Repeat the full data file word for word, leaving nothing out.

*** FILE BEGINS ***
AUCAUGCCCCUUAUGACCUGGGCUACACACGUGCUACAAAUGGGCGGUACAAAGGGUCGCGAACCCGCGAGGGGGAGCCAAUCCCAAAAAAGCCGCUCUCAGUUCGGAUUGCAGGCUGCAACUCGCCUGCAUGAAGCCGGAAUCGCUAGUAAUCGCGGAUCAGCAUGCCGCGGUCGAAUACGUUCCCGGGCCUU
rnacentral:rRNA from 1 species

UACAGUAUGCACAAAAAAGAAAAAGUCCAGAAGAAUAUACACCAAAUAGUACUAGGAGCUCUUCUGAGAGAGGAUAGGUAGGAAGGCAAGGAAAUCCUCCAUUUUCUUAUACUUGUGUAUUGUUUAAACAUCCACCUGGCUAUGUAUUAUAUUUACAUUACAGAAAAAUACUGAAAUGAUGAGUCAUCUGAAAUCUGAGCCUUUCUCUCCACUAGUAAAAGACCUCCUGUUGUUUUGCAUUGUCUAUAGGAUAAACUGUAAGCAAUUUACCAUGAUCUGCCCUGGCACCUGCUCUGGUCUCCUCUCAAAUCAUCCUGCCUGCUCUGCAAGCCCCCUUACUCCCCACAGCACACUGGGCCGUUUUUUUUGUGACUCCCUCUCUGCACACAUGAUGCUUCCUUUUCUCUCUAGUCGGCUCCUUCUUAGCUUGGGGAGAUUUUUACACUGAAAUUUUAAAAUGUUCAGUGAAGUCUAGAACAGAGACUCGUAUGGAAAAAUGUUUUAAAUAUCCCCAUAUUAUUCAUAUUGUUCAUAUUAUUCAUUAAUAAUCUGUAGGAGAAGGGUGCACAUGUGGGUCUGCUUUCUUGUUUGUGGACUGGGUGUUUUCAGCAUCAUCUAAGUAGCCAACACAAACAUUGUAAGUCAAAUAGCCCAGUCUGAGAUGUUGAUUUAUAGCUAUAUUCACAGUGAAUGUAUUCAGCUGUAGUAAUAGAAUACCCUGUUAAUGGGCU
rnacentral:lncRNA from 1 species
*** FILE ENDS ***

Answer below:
AUCAUGCCCCUUAUGACCUGGGCUACACACGUGCUACAAAUGGGCGGUACAAAGGGUCGCGAACCCGCGAGGGGGAGCCAAUCCCAAAAAAGCCGCUCUCAGUUCGGAUUGCAGGCUGCAACUCGCCUGCAUGAAGCCGGAAUCGCUAGUAAUCGCGGAUCAGCAUGCCGCGGUCGAAUACGUUCCCGGGCCUU
rnacentral:rRNA from 1 species

UACAGUAUGCACAAAAAAGAAAAAGUCCAGAAGAAUAUACACCAAAUAGUACUAGGAGCUCUUCUGAGAGAGGAUAGGUAGGAAGGCAAGGAAAUCCUCCAUUUUCUUAUACUUGUGUAUUGUUUAAACAUCCACCUGGCUAUGUAUUAUAUUUACAUUACAGAAAAAUACUGAAAUGAUGAGUCAUCUGAAAUCUGAGCCUUUCUCUCCACUAGUAAAAGACCUCCUGUUGUUUUGCAUUGUCUAUAGGAUAAACUGUAAGCAAUUUACCAUGAUCUGCCCUGGCACCUGCUCUGGUCUCCUCUCAAAUCAUCCUGCCUGCUCUGCAAGCCCCCUUACUCCCCACAGCACACUGGGCCGUUUUUUUUGUGACUCCCUCUCUGCACACAUGAUGCUUCCUUUUCUCUCUAGUCGGCUCCUUCUUAGCUUGGGGAGAUUUUUACACUGAAAUUUUAAAAUGUUCAGUGAAGUCUAGAACAGAGACUCGUAUGGAAAAAUGUUUUAAAUAUCCCCAUAUUAUUCAUAUUGUUCAUAUUAUUCAUUAAUAAUCUGUAGGAGAAGGGUGCACAUGUGGGUCUGCUUUCUUGUUUGUGGACUGGGUGUUUUCAGCAUCAUCUAAGUAGCCAACACAAACAUUGUAAGUCAAAUAGCCCAGUCUGAGAUGUUGAUUUAUAGCUAUAUUCACAGUGAAUGUAUUCAGCUGUAGUAAUAGAAUACCCUGUUAAUGGGCU
rnacentral:lncRNA from 1 species